On Monday, we reported that Pennsylvania Supreme Court candidate David Wecht had issued a five-point plan to clean up the judiciary. The Democratic candidate and current Pennsylvania Superior Court judge has received his first rebuttal from the competition.
Republican candidate Cheryl Allen, who also serves on the Superior Court, has released her input on Wecht’s proposal to the candidates.
“While the spirit of Judge Wecht’s five-point plan is appreciated,” Allen said.
“Restoring faith in the Court is not so complicated a matter.”
Just as a refresher, Wecht’s five points are as follows:
- Absolute ban on all gifts to judges
- Tightened Anti-Nepotism Policy; Sunset Employment of Judges’ Relative
- Require judges to rule on the record in writing on all motions for recusal
- Mandated ethics courses for all judicial candidates
- Television broadcast of court proceedings
Allen has stated that she agrees wholeheartedly with the complete ban on gifts but disagrees on the need for cameras in the courtroom. She contend that this won’t necessarily curb corruption.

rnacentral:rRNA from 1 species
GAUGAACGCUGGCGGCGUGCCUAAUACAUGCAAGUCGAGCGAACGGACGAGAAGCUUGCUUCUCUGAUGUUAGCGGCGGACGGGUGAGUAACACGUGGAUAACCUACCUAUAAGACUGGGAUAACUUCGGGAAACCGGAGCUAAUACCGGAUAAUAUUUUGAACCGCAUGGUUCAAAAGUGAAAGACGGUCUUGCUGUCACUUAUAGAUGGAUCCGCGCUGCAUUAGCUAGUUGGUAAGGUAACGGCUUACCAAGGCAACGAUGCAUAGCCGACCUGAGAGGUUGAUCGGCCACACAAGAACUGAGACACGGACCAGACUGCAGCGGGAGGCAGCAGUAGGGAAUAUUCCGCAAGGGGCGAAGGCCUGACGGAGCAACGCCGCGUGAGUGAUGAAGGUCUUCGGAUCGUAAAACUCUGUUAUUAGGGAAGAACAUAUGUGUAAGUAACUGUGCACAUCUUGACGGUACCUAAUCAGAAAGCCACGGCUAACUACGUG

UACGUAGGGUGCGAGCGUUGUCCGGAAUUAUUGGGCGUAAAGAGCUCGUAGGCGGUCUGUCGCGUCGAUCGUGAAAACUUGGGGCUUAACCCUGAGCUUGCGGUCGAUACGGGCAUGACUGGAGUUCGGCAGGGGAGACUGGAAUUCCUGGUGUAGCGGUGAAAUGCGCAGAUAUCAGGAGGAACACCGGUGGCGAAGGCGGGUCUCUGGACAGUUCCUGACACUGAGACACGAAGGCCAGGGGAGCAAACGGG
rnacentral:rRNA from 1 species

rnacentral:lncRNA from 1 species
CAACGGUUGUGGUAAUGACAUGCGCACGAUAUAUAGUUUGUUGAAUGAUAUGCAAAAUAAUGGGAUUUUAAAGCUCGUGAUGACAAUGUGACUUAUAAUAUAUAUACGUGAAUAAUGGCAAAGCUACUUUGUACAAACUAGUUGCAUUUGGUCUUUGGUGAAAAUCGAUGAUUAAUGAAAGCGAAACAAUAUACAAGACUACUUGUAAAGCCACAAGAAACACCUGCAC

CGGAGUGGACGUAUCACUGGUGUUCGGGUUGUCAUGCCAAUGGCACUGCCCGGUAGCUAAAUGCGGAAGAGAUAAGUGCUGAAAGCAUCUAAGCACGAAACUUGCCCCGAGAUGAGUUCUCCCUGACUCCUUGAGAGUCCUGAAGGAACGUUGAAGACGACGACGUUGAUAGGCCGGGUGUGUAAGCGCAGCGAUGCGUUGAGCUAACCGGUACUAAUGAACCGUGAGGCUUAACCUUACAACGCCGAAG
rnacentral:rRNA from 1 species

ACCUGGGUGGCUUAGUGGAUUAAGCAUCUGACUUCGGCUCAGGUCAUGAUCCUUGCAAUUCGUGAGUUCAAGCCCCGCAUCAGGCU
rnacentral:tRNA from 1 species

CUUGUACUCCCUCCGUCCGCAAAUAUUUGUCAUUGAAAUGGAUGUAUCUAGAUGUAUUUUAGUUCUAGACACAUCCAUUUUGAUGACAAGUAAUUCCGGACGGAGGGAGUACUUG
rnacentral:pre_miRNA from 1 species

“Backroom deals don’t happen in the courtroom,” Allen said, noting that certain proceedings require confidentiality to protect victims and juveniles.
When the State Supreme Court implemented the current anti-nepotism policy, the regulation was not retroactive, which meant that relatives who were currently court-employed were grandfathered in and could retain their positions. Allen favors Wecht’s stance on the reform of this law.
“A true effort to curb favoritism should apply to all, including relatives of sitting judges and justices and should be implemented throughout the court system,” Allen said.
While Wecht would like to require judges to “rule on the record in writing” for all motions of recusal, Allen does not disagree but said that it’s only part of the answer. She said that judges should be more diligent about recusing themselves when appropriate.
“If I golf with you last week, and you appear before me this week, do the relevant parties have a right to know? Absolutely,” Allen said.
Although Allen embraced parts of Wecht’s five-point plan, she stressed that all judges have previously taken courses on ethics — either as lawyers or judges — rendering any more programs irrelevant.
Allen recognized the “recent events” to which Wecht referred but offered a dissenting opinion on the matter.
“The problem is not that judges don’t know, or haven’t been taught,” Allen said.
“Corruption occurs when a judge makes a conscious choice not to do what’s right.”
The Republican candidate admitted that Wecht raised some good points but she believes in a less-drastic approach to rehabilitating the state’s judicial image.
“At this level of Government, it’s not about politics,” Allen said.
“It’s about doing the right thing regardless of whether it’s popular or politically expedient.”
“That’s how we restore faith in the court, and I stand firmly beside any and all who are so committed.”